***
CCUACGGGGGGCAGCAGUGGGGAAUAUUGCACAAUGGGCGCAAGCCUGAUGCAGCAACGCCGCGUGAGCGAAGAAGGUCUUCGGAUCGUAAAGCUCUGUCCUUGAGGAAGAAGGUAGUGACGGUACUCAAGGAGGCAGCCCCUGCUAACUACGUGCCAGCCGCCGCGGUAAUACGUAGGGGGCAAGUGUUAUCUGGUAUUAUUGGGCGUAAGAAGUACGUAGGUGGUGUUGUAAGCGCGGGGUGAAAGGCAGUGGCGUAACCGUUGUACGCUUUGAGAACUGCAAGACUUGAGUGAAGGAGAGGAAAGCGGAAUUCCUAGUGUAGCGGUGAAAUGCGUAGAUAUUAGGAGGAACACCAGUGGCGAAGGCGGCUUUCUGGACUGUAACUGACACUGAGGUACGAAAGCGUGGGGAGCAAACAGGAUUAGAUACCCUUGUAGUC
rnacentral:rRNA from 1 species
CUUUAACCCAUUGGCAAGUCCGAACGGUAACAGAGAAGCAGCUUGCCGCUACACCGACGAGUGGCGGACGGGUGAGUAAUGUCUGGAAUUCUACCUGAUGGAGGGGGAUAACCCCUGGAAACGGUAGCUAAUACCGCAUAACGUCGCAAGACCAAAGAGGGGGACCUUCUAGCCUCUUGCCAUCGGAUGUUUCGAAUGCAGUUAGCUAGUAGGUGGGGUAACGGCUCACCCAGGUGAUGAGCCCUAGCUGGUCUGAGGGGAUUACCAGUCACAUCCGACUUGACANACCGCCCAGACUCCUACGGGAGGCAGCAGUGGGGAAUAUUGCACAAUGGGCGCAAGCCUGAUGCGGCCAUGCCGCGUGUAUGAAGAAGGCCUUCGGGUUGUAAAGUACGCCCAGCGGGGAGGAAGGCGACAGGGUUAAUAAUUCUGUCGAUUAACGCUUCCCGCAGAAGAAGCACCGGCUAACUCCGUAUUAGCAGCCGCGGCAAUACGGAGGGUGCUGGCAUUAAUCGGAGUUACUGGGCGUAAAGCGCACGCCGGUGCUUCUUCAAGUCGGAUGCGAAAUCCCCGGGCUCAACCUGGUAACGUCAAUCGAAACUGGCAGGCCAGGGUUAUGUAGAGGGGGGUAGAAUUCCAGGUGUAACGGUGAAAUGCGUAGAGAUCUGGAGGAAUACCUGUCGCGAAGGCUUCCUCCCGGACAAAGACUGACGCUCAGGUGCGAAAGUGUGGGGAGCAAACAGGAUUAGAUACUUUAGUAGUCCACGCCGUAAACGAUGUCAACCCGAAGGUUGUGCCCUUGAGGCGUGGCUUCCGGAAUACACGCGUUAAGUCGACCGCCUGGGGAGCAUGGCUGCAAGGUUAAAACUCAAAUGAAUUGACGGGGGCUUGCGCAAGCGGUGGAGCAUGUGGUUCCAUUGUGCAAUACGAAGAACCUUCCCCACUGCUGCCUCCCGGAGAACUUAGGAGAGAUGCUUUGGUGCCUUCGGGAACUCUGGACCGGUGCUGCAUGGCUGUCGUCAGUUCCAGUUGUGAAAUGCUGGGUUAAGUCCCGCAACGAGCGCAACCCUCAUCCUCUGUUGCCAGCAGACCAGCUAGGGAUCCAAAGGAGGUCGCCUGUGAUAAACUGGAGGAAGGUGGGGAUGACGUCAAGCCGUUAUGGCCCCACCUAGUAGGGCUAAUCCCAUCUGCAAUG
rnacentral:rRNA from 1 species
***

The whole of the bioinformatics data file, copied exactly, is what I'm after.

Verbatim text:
CCUACGGGGGGCAGCAGUGGGGAAUAUUGCACAAUGGGCGCAAGCCUGAUGCAGCAACGCCGCGUGAGCGAAGAAGGUCUUCGGAUCGUAAAGCUCUGUCCUUGAGGAAGAAGGUAGUGACGGUACUCAAGGAGGCAGCCCCUGCUAACUACGUGCCAGCCGCCGCGGUAAUACGUAGGGGGCAAGUGUUAUCUGGUAUUAUUGGGCGUAAGAAGUACGUAGGUGGUGUUGUAAGCGCGGGGUGAAAGGCAGUGGCGUAACCGUUGUACGCUUUGAGAACUGCAAGACUUGAGUGAAGGAGAGGAAAGCGGAAUUCCUAGUGUAGCGGUGAAAUGCGUAGAUAUUAGGAGGAACACCAGUGGCGAAGGCGGCUUUCUGGACUGUAACUGACACUGAGGUACGAAAGCGUGGGGAGCAAACAGGAUUAGAUACCCUUGUAGUC
rnacentral:rRNA from 1 species
CUUUAACCCAUUGGCAAGUCCGAACGGUAACAGAGAAGCAGCUUGCCGCUACACCGACGAGUGGCGGACGGGUGAGUAAUGUCUGGAAUUCUACCUGAUGGAGGGGGAUAACCCCUGGAAACGGUAGCUAAUACCGCAUAACGUCGCAAGACCAAAGAGGGGGACCUUCUAGCCUCUUGCCAUCGGAUGUUUCGAAUGCAGUUAGCUAGUAGGUGGGGUAACGGCUCACCCAGGUGAUGAGCCCUAGCUGGUCUGAGGGGAUUACCAGUCACAUCCGACUUGACANACCGCCCAGACUCCUACGGGAGGCAGCAGUGGGGAAUAUUGCACAAUGGGCGCAAGCCUGAUGCGGCCAUGCCGCGUGUAUGAAGAAGGCCUUCGGGUUGUAAAGUACGCCCAGCGGGGAGGAAGGCGACAGGGUUAAUAAUUCUGUCGAUUAACGCUUCCCGCAGAAGAAGCACCGGCUAACUCCGUAUUAGCAGCCGCGGCAAUACGGAGGGUGCUGGCAUUAAUCGGAGUUACUGGGCGUAAAGCGCACGCCGGUGCUUCUUCAAGUCGGAUGCGAAAUCCCCGGGCUCAACCUGGUAACGUCAAUCGAAACUGGCAGGCCAGGGUUAUGUAGAGGGGGGUAGAAUUCCAGGUGUAACGGUGAAAUGCGUAGAGAUCUGGAGGAAUACCUGUCGCGAAGGCUUCCUCCCGGACAAAGACUGACGCUCAGGUGCGAAAGUGUGGGGAGCAAACAGGAUUAGAUACUUUAGUAGUCCACGCCGUAAACGAUGUCAACCCGAAGGUUGUGCCCUUGAGGCGUGGCUUCCGGAAUACACGCGUUAAGUCGACCGCCUGGGGAGCAUGGCUGCAAGGUUAAAACUCAAAUGAAUUGACGGGGGCUUGCGCAAGCGGUGGAGCAUGUGGUUCCAUUGUGCAAUACGAAGAACCUUCCCCACUGCUGCCUCCCGGAGAACUUAGGAGAGAUGCUUUGGUGCCUUCGGGAACUCUGGACCGGUGCUGCAUGGCUGUCGUCAGUUCCAGUUGUGAAAUGCUGGGUUAAGUCCCGCAACGAGCGCAACCCUCAUCCUCUGUUGCCAGCAGACCAGCUAGGGAUCCAAAGGAGGUCGCCUGUGAUAAACUGGAGGAAGGUGGGGAUGACGUCAAGCCGUUAUGGCCCCACCUAGUAGGGCUAAUCCCAUCUGCAAUG
rnacentral:rRNA from 1 species